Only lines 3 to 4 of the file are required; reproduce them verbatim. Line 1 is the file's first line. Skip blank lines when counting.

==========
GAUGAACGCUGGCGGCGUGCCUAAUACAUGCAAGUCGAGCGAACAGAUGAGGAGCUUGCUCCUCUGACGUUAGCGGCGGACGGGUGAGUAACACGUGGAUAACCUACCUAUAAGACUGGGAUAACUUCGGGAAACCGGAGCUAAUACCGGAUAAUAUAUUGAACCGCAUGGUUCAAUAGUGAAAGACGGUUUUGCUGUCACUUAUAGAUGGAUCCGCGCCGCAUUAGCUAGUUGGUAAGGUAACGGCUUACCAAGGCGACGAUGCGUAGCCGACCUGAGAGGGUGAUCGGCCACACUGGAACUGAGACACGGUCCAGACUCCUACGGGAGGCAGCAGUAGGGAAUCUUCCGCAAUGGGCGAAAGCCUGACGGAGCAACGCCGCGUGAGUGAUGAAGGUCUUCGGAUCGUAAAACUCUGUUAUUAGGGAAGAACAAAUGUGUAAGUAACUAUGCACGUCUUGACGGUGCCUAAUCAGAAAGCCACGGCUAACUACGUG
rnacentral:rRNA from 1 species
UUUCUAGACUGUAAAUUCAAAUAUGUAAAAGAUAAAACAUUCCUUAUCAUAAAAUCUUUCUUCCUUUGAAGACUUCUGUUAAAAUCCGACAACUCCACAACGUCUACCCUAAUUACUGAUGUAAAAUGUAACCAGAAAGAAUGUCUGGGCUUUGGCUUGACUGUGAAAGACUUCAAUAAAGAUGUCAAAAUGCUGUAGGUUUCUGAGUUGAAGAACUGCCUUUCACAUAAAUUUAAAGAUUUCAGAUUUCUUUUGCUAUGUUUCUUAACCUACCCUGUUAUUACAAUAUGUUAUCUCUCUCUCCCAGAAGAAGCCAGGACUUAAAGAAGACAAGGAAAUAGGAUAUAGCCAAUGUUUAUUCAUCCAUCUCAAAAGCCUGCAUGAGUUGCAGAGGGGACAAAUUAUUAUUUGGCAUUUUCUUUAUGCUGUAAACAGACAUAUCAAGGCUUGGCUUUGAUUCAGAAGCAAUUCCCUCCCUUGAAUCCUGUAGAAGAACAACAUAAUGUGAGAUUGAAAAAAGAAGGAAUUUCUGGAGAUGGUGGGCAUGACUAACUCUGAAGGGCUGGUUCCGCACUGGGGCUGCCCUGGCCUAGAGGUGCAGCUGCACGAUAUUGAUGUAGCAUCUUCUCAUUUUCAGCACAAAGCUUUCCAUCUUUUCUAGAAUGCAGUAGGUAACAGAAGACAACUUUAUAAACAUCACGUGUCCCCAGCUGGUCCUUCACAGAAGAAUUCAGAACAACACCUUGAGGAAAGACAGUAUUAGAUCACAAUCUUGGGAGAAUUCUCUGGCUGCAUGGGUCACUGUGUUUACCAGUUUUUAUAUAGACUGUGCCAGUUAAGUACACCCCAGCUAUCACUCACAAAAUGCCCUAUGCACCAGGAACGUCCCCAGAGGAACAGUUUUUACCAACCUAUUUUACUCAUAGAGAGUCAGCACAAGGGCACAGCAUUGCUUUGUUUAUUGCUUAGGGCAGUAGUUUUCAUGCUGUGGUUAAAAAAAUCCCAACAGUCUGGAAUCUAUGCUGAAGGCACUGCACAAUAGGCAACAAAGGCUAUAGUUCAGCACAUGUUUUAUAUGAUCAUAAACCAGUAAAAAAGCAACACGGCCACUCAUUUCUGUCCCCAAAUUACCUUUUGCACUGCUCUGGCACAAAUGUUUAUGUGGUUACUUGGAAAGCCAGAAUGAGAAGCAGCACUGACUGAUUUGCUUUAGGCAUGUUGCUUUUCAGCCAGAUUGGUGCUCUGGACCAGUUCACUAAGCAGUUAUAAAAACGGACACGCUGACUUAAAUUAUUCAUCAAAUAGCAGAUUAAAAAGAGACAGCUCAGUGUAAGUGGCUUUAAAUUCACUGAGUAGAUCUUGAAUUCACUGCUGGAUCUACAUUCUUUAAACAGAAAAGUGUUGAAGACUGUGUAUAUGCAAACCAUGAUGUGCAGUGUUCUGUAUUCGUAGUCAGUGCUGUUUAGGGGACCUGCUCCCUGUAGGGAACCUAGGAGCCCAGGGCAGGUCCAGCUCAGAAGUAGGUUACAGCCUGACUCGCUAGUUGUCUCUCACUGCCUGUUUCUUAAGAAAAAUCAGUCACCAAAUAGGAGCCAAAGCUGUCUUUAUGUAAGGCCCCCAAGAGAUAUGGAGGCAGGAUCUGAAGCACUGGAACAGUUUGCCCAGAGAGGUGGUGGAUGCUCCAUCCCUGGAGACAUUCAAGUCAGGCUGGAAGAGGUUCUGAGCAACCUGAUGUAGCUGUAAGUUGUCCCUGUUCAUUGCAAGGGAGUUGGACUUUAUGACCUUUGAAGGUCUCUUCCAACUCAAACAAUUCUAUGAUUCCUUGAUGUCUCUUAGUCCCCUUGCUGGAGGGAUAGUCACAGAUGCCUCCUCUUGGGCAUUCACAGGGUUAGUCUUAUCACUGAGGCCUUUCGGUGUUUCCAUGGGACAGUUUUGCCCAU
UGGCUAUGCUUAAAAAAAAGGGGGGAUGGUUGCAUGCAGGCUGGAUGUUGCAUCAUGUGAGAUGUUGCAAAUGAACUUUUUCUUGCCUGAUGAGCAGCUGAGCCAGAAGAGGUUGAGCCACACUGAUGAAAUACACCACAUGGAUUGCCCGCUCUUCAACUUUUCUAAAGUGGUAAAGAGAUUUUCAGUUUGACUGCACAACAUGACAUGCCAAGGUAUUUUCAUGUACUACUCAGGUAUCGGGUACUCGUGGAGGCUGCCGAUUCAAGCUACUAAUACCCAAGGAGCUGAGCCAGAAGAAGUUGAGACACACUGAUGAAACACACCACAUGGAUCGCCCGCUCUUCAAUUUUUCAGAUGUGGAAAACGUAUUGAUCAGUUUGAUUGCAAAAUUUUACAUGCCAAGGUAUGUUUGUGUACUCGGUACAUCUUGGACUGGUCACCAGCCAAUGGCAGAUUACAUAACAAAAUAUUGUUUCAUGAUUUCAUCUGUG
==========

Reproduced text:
UUUCUAGACUGUAAAUUCAAAUAUGUAAAAGAUAAAACAUUCCUUAUCAUAAAAUCUUUCUUCCUUUGAAGACUUCUGUUAAAAUCCGACAACUCCACAACGUCUACCCUAAUUACUGAUGUAAAAUGUAACCAGAAAGAAUGUCUGGGCUUUGGCUUGACUGUGAAAGACUUCAAUAAAGAUGUCAAAAUGCUGUAGGUUUCUGAGUUGAAGAACUGCCUUUCACAUAAAUUUAAAGAUUUCAGAUUUCUUUUGCUAUGUUUCUUAACCUACCCUGUUAUUACAAUAUGUUAUCUCUCUCUCCCAGAAGAAGCCAGGACUUAAAGAAGACAAGGAAAUAGGAUAUAGCCAAUGUUUAUUCAUCCAUCUCAAAAGCCUGCAUGAGUUGCAGAGGGGACAAAUUAUUAUUUGGCAUUUUCUUUAUGCUGUAAACAGACAUAUCAAGGCUUGGCUUUGAUUCAGAAGCAAUUCCCUCCCUUGAAUCCUGUAGAAGAACAACAUAAUGUGAGAUUGAAAAAAGAAGGAAUUUCUGGAGAUGGUGGGCAUGACUAACUCUGAAGGGCUGGUUCCGCACUGGGGCUGCCCUGGCCUAGAGGUGCAGCUGCACGAUAUUGAUGUAGCAUCUUCUCAUUUUCAGCACAAAGCUUUCCAUCUUUUCUAGAAUGCAGUAGGUAACAGAAGACAACUUUAUAAACAUCACGUGUCCCCAGCUGGUCCUUCACAGAAGAAUUCAGAACAACACCUUGAGGAAAGACAGUAUUAGAUCACAAUCUUGGGAGAAUUCUCUGGCUGCAUGGGUCACUGUGUUUACCAGUUUUUAUAUAGACUGUGCCAGUUAAGUACACCCCAGCUAUCACUCACAAAAUGCCCUAUGCACCAGGAACGUCCCCAGAGGAACAGUUUUUACCAACCUAUUUUACUCAUAGAGAGUCAGCACAAGGGCACAGCAUUGCUUUGUUUAUUGCUUAGGGCAGUAGUUUUCAUGCUGUGGUUAAAAAAAUCCCAACAGUCUGGAAUCUAUGCUGAAGGCACUGCACAAUAGGCAACAAAGGCUAUAGUUCAGCACAUGUUUUAUAUGAUCAUAAACCAGUAAAAAAGCAACACGGCCACUCAUUUCUGUCCCCAAAUUACCUUUUGCACUGCUCUGGCACAAAUGUUUAUGUGGUUACUUGGAAAGCCAGAAUGAGAAGCAGCACUGACUGAUUUGCUUUAGGCAUGUUGCUUUUCAGCCAGAUUGGUGCUCUGGACCAGUUCACUAAGCAGUUAUAAAAACGGACACGCUGACUUAAAUUAUUCAUCAAAUAGCAGAUUAAAAAGAGACAGCUCAGUGUAAGUGGCUUUAAAUUCACUGAGUAGAUCUUGAAUUCACUGCUGGAUCUACAUUCUUUAAACAGAAAAGUGUUGAAGACUGUGUAUAUGCAAACCAUGAUGUGCAGUGUUCUGUAUUCGUAGUCAGUGCUGUUUAGGGGACCUGCUCCCUGUAGGGAACCUAGGAGCCCAGGGCAGGUCCAGCUCAGAAGUAGGUUACAGCCUGACUCGCUAGUUGUCUCUCACUGCCUGUUUCUUAAGAAAAAUCAGUCACCAAAUAGGAGCCAAAGCUGUCUUUAUGUAAGGCCCCCAAGAGAUAUGGAGGCAGGAUCUGAAGCACUGGAACAGUUUGCCCAGAGAGGUGGUGGAUGCUCCAUCCCUGGAGACAUUCAAGUCAGGCUGGAAGAGGUUCUGAGCAACCUGAUGUAGCUGUAAGUUGUCCCUGUUCAUUGCAAGGGAGUUGGACUUUAUGACCUUUGAAGGUCUCUUCCAACUCAAACAAUUCUAUGAUUCCUUGAUGUCUCUUAGUCCCCUUGCUGGAGGGAUAGUCACAGAUGCCUCCUCUUGGGCAUUCACAGGGUUAGUCUUAUCACUGAGGCCUUUCGGUGUUUCCAUGGGACAGUUUUGCCCAU
UGGCUAUGCUUAAAAAAAAGGGGGGAUGGUUGCAUGCAGGCUGGAUGUUGCAUCAUGUGAGAUGUUGCAAAUGAACUUUUUCUUGCCUGAUGAGCAGCUGAGCCAGAAGAGGUUGAGCCACACUGAUGAAAUACACCACAUGGAUUGCCCGCUCUUCAACUUUUCUAAAGUGGUAAAGAGAUUUUCAGUUUGACUGCACAACAUGACAUGCCAAGGUAUUUUCAUGUACUACUCAGGUAUCGGGUACUCGUGGAGGCUGCCGAUUCAAGCUACUAAUACCCAAGGAGCUGAGCCAGAAGAAGUUGAGACACACUGAUGAAACACACCACAUGGAUCGCCCGCUCUUCAAUUUUUCAGAUGUGGAAAACGUAUUGAUCAGUUUGAUUGCAAAAUUUUACAUGCCAAGGUAUGUUUGUGUACUCGGUACAUCUUGGACUGGUCACCAGCCAAUGGCAGAUUACAUAACAAAAUAUUGUUUCAUGAUUUCAUCUGUG